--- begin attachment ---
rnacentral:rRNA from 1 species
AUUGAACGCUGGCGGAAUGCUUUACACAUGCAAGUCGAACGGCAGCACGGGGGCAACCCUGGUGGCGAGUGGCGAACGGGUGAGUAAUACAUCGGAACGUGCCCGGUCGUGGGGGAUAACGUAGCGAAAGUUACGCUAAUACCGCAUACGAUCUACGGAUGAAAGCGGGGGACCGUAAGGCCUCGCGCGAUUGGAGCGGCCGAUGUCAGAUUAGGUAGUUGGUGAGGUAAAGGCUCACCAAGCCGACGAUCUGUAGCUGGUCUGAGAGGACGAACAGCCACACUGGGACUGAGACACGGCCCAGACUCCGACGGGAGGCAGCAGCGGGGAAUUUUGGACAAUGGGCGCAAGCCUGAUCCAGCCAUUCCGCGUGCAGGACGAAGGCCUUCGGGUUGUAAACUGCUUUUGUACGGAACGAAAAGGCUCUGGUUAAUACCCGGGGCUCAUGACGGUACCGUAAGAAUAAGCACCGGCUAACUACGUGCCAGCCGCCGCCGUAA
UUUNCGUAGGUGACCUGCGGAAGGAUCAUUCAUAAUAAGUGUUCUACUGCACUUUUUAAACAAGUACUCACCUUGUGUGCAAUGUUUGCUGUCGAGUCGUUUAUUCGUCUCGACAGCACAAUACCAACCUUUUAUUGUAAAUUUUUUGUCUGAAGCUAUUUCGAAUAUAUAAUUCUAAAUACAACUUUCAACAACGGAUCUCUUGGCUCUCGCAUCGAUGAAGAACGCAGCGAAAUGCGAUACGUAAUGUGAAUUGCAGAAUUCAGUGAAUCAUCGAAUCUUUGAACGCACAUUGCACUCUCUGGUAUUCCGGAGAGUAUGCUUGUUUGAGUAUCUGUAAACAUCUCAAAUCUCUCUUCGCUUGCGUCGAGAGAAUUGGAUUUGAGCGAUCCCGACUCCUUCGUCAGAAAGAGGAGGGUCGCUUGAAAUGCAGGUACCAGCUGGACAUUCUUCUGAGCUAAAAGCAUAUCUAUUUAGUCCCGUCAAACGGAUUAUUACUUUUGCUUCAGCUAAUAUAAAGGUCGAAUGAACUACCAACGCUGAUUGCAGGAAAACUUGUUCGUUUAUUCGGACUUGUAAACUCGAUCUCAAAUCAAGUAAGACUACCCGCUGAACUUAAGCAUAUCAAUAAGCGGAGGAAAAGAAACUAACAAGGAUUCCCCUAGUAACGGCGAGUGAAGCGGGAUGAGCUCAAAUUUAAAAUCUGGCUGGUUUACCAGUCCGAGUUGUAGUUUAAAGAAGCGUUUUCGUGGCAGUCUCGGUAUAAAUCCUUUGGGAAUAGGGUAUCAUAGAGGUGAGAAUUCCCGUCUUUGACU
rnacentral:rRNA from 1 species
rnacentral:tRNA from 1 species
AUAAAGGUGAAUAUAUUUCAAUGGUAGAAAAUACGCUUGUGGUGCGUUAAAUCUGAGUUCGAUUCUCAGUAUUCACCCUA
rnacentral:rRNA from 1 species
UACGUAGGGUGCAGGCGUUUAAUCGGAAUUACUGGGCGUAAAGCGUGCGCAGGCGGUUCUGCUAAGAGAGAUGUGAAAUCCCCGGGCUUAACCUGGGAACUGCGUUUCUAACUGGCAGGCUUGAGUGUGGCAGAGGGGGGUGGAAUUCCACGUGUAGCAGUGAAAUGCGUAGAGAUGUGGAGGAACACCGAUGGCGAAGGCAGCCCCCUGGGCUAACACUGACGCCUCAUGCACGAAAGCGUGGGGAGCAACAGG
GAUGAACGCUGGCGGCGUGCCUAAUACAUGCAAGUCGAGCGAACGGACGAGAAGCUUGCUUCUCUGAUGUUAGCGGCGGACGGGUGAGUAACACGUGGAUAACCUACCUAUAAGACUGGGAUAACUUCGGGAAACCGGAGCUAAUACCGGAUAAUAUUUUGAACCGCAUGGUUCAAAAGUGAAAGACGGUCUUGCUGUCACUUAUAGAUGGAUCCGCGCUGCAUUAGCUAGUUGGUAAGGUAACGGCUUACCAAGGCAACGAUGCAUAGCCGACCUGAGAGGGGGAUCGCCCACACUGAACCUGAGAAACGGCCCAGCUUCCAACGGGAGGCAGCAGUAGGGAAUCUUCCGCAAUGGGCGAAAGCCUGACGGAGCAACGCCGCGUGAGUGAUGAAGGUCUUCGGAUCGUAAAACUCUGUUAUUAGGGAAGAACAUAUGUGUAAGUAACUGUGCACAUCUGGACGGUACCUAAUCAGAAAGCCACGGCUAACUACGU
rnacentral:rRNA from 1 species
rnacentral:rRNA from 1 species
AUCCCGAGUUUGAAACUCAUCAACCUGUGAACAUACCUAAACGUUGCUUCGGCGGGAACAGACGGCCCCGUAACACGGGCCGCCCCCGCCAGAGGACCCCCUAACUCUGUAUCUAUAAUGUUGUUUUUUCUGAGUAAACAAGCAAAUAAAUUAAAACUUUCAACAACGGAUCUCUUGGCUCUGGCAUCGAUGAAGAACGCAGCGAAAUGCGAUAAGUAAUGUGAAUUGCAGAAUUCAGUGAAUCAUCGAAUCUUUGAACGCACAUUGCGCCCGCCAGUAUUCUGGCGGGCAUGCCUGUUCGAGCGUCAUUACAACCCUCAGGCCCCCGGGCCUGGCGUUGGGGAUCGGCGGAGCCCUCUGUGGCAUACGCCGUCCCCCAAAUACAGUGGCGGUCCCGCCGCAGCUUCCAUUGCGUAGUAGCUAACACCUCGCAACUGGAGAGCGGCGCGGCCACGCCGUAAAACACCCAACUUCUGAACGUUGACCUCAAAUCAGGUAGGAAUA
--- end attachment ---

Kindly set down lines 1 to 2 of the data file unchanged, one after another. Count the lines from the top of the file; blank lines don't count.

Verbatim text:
rnacentral:rRNA from 1 species
AUUGAACGCUGGCGGAAUGCUUUACACAUGCAAGUCGAACGGCAGCACGGGGGCAACCCUGGUGGCGAGUGGCGAACGGGUGAGUAAUACAUCGGAACGUGCCCGGUCGUGGGGGAUAACGUAGCGAAAGUUACGCUAAUACCGCAUACGAUCUACGGAUGAAAGCGGGGGACCGUAAGGCCUCGCGCGAUUGGAGCGGCCGAUGUCAGAUUAGGUAGUUGGUGAGGUAAAGGCUCACCAAGCCGACGAUCUGUAGCUGGUCUGAGAGGACGAACAGCCACACUGGGACUGAGACACGGCCCAGACUCCGACGGGAGGCAGCAGCGGGGAAUUUUGGACAAUGGGCGCAAGCCUGAUCCAGCCAUUCCGCGUGCAGGACGAAGGCCUUCGGGUUGUAAACUGCUUUUGUACGGAACGAAAAGGCUCUGGUUAAUACCCGGGGCUCAUGACGGUACCGUAAGAAUAAGCACCGGCUAACUACGUGCCAGCCGCCGCCGUAA